Nitrous and Blower
Motor Tech Tips
Two aspects of engine building that relate to nitrous and supercharged use will be discussed.
Those that allow the motor to survive under nitrous or supercharger boost and those that enhance
performance. General principles are discussed as definitive answers to such
FAQ's as "will my motor survive with an xxx shot of nitrous" or with
"xxx pounds of boost" are
surprisingly hard to answer. There are just too many variables involved to
provide general answers to such questions.
Factory blocks vary all over the map in terms of their basic strength. Different
materials are used and designs vary from wimpy to beefy. And for certain motors,
the aftermarket provides numerous alternative designs with the same basic
architecture. Examples include the GM "Bowtie" blocks and the Ford
"R" blocks from the OEM's and the Dart and World Products aftermarket
pieces. The main areas to concentrate on are the strength of the cylinder walls
and the design and materials used in the main bearing support areas; the caps
To illustrate these points, let's look a little bit more closely at the
venerable small block Chevy, small block Ford, big block Chevy, and the new Gen III small
block as well as some other commonly encountered engines.
The original SBC is not a strong design. Priorities of the design were light
weight and low cost. The SBC was not designed as a race or even a high
performance motor. Designed over 50 years ago the designers lacked the advantages
of modern CAD systems. And in addition, much has been learned since then about
metallurgy and production techniques. Fortunately, by staying in production for
more than 50 years and becoming the darling of the performance community, GM
made many changes and the aftermarket became heavily involved. In fact, the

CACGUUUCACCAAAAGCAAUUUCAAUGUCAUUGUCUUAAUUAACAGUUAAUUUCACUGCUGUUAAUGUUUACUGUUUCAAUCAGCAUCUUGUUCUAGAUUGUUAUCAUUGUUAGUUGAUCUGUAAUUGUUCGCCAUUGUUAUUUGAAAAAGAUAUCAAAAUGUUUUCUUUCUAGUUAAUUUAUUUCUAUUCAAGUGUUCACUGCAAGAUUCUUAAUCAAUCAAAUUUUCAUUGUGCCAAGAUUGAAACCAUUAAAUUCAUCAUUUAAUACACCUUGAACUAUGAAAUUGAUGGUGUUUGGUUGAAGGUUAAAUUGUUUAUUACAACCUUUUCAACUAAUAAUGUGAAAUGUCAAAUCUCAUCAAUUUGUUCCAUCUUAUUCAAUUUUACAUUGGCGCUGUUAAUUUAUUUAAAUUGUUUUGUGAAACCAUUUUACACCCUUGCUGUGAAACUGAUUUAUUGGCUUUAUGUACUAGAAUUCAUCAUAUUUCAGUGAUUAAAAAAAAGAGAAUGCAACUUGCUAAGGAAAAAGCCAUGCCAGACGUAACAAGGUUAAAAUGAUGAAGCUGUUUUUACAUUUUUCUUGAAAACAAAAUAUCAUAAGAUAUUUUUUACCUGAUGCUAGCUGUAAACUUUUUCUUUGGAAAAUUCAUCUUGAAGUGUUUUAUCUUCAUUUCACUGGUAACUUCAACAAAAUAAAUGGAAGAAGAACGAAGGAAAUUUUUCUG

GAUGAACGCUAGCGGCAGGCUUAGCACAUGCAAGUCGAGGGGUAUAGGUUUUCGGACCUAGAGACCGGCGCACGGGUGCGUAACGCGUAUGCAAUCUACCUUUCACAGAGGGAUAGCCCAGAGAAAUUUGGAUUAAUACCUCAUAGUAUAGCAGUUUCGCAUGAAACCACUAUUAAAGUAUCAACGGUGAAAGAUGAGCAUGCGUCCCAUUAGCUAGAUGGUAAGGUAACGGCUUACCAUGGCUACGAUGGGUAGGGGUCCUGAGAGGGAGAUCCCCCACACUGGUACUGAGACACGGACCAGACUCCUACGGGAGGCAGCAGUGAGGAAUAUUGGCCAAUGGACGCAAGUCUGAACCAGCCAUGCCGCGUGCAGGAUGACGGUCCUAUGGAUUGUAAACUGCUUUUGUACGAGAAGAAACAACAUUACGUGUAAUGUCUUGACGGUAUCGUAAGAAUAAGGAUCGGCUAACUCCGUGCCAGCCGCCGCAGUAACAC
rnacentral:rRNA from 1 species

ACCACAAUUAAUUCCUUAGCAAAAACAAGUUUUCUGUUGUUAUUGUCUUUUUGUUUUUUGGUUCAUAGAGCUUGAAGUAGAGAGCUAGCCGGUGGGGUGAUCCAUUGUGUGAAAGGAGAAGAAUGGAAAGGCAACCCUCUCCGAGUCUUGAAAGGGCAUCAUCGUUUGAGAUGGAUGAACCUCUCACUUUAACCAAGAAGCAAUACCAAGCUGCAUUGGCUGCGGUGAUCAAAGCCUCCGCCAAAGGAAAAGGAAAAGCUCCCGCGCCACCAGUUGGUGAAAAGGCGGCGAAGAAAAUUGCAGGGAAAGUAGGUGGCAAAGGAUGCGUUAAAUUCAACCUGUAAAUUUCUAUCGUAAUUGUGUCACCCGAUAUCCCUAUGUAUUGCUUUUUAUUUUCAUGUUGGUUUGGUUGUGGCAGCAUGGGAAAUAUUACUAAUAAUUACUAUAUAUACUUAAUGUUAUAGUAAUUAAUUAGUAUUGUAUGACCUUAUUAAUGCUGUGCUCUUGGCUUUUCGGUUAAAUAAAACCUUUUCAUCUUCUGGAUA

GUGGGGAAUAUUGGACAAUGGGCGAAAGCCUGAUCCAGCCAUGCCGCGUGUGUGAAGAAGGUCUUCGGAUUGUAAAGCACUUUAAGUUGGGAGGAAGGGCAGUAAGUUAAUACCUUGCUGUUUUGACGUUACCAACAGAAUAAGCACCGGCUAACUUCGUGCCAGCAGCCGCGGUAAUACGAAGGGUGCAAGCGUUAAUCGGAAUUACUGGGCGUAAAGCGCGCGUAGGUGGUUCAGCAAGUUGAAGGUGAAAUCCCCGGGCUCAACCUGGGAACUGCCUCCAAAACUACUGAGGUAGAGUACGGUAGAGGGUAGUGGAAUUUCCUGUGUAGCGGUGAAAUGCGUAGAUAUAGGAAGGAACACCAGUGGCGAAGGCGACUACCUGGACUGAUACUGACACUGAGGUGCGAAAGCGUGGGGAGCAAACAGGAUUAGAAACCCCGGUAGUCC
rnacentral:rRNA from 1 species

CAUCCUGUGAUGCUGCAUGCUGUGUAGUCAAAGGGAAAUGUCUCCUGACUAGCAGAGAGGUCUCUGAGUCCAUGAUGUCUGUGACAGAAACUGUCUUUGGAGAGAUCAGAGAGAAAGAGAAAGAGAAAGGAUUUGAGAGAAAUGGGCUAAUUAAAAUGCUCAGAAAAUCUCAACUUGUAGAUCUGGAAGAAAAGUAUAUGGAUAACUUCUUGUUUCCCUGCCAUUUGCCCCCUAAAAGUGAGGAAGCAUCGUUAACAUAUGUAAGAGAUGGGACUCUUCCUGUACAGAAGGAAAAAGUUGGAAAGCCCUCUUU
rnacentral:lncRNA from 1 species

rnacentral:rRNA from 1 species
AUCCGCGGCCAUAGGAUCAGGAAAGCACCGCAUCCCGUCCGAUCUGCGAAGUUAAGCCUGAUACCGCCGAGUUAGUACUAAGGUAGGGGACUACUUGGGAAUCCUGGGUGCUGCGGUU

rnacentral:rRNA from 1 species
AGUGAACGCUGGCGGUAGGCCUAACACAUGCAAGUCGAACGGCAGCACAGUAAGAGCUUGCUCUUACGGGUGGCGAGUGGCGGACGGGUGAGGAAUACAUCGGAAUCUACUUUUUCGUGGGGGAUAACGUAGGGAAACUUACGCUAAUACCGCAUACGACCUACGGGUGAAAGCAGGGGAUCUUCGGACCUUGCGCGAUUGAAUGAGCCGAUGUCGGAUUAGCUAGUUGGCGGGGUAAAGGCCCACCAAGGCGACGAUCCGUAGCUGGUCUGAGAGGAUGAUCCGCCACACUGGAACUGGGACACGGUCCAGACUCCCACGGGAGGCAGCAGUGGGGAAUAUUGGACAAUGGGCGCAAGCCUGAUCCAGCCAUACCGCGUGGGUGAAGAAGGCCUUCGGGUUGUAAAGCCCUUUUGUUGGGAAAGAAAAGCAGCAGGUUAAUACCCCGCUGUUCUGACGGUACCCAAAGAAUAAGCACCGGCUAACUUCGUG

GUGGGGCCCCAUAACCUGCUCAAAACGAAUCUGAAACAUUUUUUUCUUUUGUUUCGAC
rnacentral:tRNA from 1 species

performance aftermarket was in a sense created to address the deficiencies of
the small block Chevy design!
The two areas of most concern, the cylinder walls and the main bearing support,
are two that are compromised by the low weight/low cost design priorities for
the SBC. Cylinder walls are thin to save weight (and to promote heat transfer).
Nitrous and SC use drastically increases peak cylinder pressures. This can lead to bore
distortion with blow-by and loss of power. If the cylinder walls are even
thinner due to boring and production tolerances and if a large nitrous shot or
high boost is
used, cylinder walls may split, which for practical purposes destroys the block.
When building a nitrous or blower SBC, this leads to a rule that really applies in principle
to all nitrous and blower motors: overbore as little as possible to preserve
cylinder wall thickness.
The newer castings (since ~1987) have even thinner cylinders than older motors.
And core shift with lack of inspection causes a lot of variation in production
block cylinder thickness. If building up newer block, do not go beyond an 0.030-0.040"" overbore and it is
preferred to stick with the smallest overbore possible. The huge variety of